The larger problem with Wells-Wallace is the dearth of the other side of the story of what’s happening here. The truth is that renewable energy and efficiency are starting to enable a movement away from a doomsday BAU scenario — if we continue along that path. Already, Paris commitments are able to achieve 3 C warming this Century as opposed to 4 C+ warming. And escalating both the adoption of more efficient energy systems and renewables co-ordinate with other changes could bring us down to 2 to 2.5 C or even less if we somehow manage to capture carbon from the atmosphere. This future IS much more like to the scenario described in the Atlantic where inequality and displacement are the primary issues — not the kind of doomsday Wallace-Wells hints at..

      https://www.theatlantic.com/science/archive/2017/07/is-the-earth-really-that-doomed/533112/

      But we should be clear that even this tougher but survivable future is something we will have to work for. If the fossil fuel companies get their way, then a very bad scenario that’s basically an allegory of the Wallace-Wells doomsday is certainly possible. And we should be scared to death of that future and avoid it like the abominable plague that it is.

      Reply
      • Suzanne

         /  July 13, 2017

        +1

        Reply
      • Spike

         /  July 14, 2017

        Re his misinterpretation of the satellite adjustments referred to at (2) he’s in good company. The UK’s Carbon Brief headline stated “Major correction to satellite data shows 140% faster warming since 1998”

        https://www.carbonbrief.org/major-correction-to-satellite-data-shows-140-faster-warming-since-1998

        So this misconception appears to have been perceived even by a highly respected specialist website.

        The other thing that occurred to me at point 5 about temperature and survivability is that human physiology doesn’t need a protracted spell of high wet bulbs to be harmful. 6 hours will do it. So somewhere may be habitable for 99% of the time but since you can only die once the other 1% becomes quite important in terms of habitability for individuals.

        And of course for the elderly,frail or health compromised tolerance is very low. Working will be impacted at lower temperatures – there was a report on Cypriot vineyards this week saying worker productivity was slumping due to extreme temperatures which of course grow exponentially even with slight mean temperature increases as the poisson curve shifts right.

        Reply
    • Mann has adopted a soft-sell strategy that may have outlived its validity.

      Reply
  5. British Columbia in the “80’s”? Not where I live. It’s been in the high 90’s for a couple of weeks. Thick smoke is travelling hundreds of miles, from the BC interior all the way to Edmonton Alberta and beyond. BC has declared a province-wide emergency. Major highways closed, with some communities left with little to no escape routes. We are already living (struggling) in the hot new world.

    Reply
  6. Abel Adamski

     /  July 13, 2017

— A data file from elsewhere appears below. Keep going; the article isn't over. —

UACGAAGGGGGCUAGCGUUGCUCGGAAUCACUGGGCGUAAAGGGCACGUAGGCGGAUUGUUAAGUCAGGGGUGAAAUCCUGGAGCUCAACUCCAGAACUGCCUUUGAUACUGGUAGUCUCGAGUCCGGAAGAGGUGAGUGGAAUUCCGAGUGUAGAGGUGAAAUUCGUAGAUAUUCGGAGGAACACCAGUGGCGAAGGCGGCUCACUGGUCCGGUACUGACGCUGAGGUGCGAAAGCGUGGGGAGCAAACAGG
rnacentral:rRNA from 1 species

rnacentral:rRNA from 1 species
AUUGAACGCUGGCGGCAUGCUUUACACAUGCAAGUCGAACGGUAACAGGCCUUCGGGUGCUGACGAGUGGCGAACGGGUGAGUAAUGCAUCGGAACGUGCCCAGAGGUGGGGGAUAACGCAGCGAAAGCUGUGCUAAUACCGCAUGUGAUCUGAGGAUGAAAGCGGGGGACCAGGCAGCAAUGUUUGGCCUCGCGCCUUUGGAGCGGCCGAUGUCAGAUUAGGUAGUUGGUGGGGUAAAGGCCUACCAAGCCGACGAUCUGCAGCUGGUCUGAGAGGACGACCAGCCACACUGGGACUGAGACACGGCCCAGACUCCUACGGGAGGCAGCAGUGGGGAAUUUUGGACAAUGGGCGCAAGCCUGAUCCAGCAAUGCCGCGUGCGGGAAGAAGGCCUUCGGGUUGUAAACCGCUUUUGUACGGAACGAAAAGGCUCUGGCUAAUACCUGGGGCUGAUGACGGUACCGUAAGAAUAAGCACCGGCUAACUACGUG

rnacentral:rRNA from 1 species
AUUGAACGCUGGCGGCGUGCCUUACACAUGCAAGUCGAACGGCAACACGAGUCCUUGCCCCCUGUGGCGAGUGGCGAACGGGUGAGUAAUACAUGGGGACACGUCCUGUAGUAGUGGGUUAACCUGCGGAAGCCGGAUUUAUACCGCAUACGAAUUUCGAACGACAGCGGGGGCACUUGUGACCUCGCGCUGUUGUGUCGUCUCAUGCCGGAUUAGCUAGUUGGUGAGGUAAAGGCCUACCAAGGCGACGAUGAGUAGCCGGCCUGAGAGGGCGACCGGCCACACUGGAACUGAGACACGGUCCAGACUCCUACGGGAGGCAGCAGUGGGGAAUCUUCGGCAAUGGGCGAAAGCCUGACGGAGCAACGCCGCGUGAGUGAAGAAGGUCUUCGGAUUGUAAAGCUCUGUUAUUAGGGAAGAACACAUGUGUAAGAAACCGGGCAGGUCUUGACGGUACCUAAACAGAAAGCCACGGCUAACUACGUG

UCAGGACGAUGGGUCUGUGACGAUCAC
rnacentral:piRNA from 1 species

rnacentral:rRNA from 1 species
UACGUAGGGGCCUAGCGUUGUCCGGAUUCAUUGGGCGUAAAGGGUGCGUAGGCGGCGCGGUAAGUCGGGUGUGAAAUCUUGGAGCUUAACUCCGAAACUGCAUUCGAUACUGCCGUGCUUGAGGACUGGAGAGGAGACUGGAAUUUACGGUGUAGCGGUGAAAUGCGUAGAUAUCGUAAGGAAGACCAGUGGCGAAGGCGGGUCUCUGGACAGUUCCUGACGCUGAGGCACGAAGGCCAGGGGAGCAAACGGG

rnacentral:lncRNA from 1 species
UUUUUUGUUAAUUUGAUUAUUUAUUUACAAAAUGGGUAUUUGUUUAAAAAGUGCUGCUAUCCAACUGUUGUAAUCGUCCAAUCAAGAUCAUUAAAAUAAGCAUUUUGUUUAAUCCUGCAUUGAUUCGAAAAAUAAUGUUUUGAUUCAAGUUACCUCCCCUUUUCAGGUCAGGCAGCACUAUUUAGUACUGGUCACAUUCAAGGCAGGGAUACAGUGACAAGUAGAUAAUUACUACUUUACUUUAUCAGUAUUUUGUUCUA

OT, but re Larsen C
    Interesting comments, the article itself is the same presentation as so many others, all normal, nothing to see here with that same link.
    https://theconversation.com/ive-studied-larsen-c-and-its-giant-iceberg-for-years-its-not-a-simple-story-of-climate-change-80529
    I’ve studied Larsen C and its giant iceberg for years – it’s not a simple story of climate change
    Adrian Luckman
    Professor of Glaciology and Remote Sensing, Swansea University

    ????

    Reply
  7. climatehawk1

     /  July 13, 2017

    Tweet scheduled.

    Reply
  8. OT, but I think it will be interesting for a few here (this one actually passed a bit over my head, and I’m glady they published an mass-media article in portuguese to explain what their work meant): https://www.pubfacts.com/detail/28484227/Coupling-of-equatorial-Atlantic-surface-stratification-to-glacial-shifts-in-the-tropical-rainbelt

    A multinational team of scientists searched fossil planktonic foraminifera to discover how the stratification of the (Atlantic) ocean changed during hotter eras on Earth, data that the models today don’t reflect in as much detail as they’ve managed to find and that can be used to refine the computer models to better preview how changes in temperature can affect other things, specially where it rains (areas of drought/flood etc).

    I find it a plus that this article was featured in the first page of the fourth most popular newspaper of Brasil today (and that’s how I heard about it).

    Reply
  9. Suzanne

     /  July 13, 2017

    Reading along on the live twitter at NY Magazine as David Wallace-Wells answers questions..Worth checking out :

    He just got asked this from a participant:
    How can regular (busy!) people ever engage on #climate if experts argue so?

    His answer :
    This week, I’ve had a fast baptism into some of these arguments among scientists.
    But the most important thing to keep in mind, I think, is that on all of the big questions there is very little disagreement.